Open Minis: Entrepreneurial Mindset
An Entrepreneurship Education Co-Curricular Program to Stimulate Entrepreneurial Mindset in Engineering Students
There is a need to expand the fundamental skills in science and engineering to include innovation & entrepreneurship (I&E) skills as core competencies. To better prepare the future Nanotechnology workforce, the University of Puerto Rico- Mayagüez Nanotechnology Center broadened the educational content beyond traditional skills in science and engineering. Its Educational Program for Innovative and Entrepreneurial Materials and Nano Scientists initiative presents a holistic approach to human development. The Entrepreneurship Education Co-Curricular Program (EEP) incorporates I&E training through a two-year series of workshops to faculty, teachers, high school students, graduate and undergraduate students. Workshops include five key topics that seek to develop an entrepreneurial mindset, including: 1) Entrepreneurial Vision, 2) Identification of Opportunities, 3) Generation of Ideas, 4) Early Assessment of Ideas, and 5) Thinking Strategically. This manuscript describes the EEP goals, target audience, implementation strategy and the evaluation tool to assess the program success in developing entrepreneurial mindset.
Cristina Pomales-Garcia, University of Puerto Rico-Mayaguez
Moraima de Hoyos, University of Puerto Rico-Mayaguez
Agnes Padovani, University of Puerto Rico-Mayaguez
O. Marcelo Suarez, University of Puerto Rico-Mayaguez
Survey of Perceived Barriers to an Entrepreneurial Mindset
A preliminary survey of faculty and administrators was conducted to explore perceptions around what barriers exist for creating an entrepreneurial mindset or social entrepreneurial mindset on campus. Are the barriers more logistical, lack of knowledge or affective, such as a lack of confidence? We found that concerns and barriers can be divided into “early phase” issues and “later phase” issues. The survey is being distributed to undergraduate students at Loyola University Maryland to get their perspectives on the same questions, what are the barriers to entrepreneurship and what would be most helpful to develop such a culture on campus, whether curricular, or co-curricular.
Suzanne Keilson, Loyola University Maryland
ICE for Everyone! Introducing the Entrepreneurial Mindset at Union College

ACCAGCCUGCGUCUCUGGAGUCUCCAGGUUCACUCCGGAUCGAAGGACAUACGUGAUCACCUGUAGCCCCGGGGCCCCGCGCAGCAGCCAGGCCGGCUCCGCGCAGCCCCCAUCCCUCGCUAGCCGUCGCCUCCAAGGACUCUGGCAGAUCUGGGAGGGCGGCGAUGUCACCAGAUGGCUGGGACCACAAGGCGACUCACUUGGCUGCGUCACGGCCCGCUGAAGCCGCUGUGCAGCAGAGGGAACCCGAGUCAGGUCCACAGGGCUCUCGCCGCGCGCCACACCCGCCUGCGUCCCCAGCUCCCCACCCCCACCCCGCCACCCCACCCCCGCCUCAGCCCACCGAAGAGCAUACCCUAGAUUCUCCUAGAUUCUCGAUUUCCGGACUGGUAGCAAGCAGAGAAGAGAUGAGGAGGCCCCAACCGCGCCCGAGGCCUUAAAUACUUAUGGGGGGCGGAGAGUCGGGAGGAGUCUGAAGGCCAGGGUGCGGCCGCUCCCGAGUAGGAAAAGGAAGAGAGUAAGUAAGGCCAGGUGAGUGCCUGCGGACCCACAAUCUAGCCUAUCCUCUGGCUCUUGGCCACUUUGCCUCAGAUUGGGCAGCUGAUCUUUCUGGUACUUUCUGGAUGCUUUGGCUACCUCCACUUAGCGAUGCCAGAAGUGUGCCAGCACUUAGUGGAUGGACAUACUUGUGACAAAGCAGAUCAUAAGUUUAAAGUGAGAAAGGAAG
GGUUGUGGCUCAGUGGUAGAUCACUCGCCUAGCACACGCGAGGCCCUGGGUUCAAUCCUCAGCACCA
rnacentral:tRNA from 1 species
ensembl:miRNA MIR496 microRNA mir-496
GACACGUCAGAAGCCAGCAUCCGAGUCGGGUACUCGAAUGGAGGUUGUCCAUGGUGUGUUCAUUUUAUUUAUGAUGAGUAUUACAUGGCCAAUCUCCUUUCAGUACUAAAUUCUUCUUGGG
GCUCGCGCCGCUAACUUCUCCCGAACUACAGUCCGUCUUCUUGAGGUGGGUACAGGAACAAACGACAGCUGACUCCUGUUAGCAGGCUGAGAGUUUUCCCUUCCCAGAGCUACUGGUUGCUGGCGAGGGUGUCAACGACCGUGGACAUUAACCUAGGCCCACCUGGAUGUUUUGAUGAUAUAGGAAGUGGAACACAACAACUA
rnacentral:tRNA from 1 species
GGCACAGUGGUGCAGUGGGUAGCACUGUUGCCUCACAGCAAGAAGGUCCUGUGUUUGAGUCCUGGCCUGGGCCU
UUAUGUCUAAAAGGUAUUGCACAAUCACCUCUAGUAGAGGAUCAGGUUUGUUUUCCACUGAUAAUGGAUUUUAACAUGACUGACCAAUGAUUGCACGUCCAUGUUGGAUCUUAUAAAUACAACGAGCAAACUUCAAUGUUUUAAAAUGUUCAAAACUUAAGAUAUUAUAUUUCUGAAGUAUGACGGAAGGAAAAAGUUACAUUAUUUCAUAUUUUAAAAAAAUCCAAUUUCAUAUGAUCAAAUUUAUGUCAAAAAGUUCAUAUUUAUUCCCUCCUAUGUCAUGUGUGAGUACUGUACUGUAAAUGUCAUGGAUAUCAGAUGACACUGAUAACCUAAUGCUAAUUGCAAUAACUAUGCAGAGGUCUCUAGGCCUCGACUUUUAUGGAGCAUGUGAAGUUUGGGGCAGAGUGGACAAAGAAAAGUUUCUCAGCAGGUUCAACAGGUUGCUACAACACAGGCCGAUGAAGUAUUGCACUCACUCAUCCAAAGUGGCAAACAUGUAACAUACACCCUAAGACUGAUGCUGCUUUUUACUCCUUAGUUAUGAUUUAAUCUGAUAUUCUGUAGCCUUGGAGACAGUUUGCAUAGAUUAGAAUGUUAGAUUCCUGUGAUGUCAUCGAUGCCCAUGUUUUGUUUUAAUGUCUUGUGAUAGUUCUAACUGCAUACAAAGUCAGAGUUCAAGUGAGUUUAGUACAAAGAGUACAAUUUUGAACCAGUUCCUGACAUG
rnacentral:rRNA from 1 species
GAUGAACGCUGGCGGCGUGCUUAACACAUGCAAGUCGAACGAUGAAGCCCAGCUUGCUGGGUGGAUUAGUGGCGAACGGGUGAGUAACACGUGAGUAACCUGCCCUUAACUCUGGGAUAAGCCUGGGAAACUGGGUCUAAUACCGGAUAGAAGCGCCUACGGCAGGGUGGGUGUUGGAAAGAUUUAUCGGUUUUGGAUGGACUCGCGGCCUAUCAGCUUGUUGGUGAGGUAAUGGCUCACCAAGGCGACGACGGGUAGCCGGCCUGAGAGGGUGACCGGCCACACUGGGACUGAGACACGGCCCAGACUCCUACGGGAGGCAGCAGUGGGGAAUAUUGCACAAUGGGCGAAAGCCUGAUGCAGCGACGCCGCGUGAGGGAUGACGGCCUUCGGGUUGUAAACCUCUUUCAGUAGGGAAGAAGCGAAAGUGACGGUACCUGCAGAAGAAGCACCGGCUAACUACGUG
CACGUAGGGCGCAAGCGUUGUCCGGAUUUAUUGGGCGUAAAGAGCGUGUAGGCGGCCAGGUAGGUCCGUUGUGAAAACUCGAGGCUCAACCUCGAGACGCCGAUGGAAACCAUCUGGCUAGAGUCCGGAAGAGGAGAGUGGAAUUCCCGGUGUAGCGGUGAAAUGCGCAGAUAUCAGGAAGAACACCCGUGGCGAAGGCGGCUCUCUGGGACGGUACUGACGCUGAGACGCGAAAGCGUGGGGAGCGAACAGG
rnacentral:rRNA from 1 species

With the business school and practical skill connotations associated with the word entrepreneurship, offering courses related to entrepreneurship to a large number of students at a traditional small liberal arts college represents a challenge. At Union College this year, we will offer a large enrollment course (100-150 students) to introduce students to Innovation, Creativity, and Entrepreneurship (ICE). Our course was born out of interactions with our six University Innovation Fellows, who have helped design the course and will take an active role in teaching the course. We believe that this faculty and student collaboration can provide students with the entrepreneurial mindset course content that will most engage them and inspire change. Our main objective is to offer students opportunities to approach and think through problems differently. The course will equip students with new perspectives for other courses and provide the impetus for more innovative, creative, and entrepreneurial activities on campus.
Shane Cotter, Union College
Erika Nelson, Union College
Hal Fried, Union College
Fostering Creativity and Innovative Mindsets and Skills in Engineering Education
Globalization and increasingly complex technological challenges have driven the need for engineering education programs to adapt and educate students not only for technical expertise but also for the increasingly important professional skills that enable creativity and innovation. A significant challenge for educators is to identify and implement meaningful learning experiences that promote the development of these skills in existing courses in the curriculum. Within a Mechanical Engineering curriculum, a sequence of courses in the junior and senior years were adapted to provide multiple opportunities for engineering students to develop their creativity and innovative mindsets and skill sets. Using a variety of student-centered, active learning pedagogies, a particular focus was placed on designing learning experiences that foster creativity and increase intrinsic motivation by emphasizing student autonomy (giving students choices and control in their learning), relatedness (connection to community and society), and competence (achieving success on challenging and meaningful projects).
Danner Friend, Norwich University
Track: Topics in I&E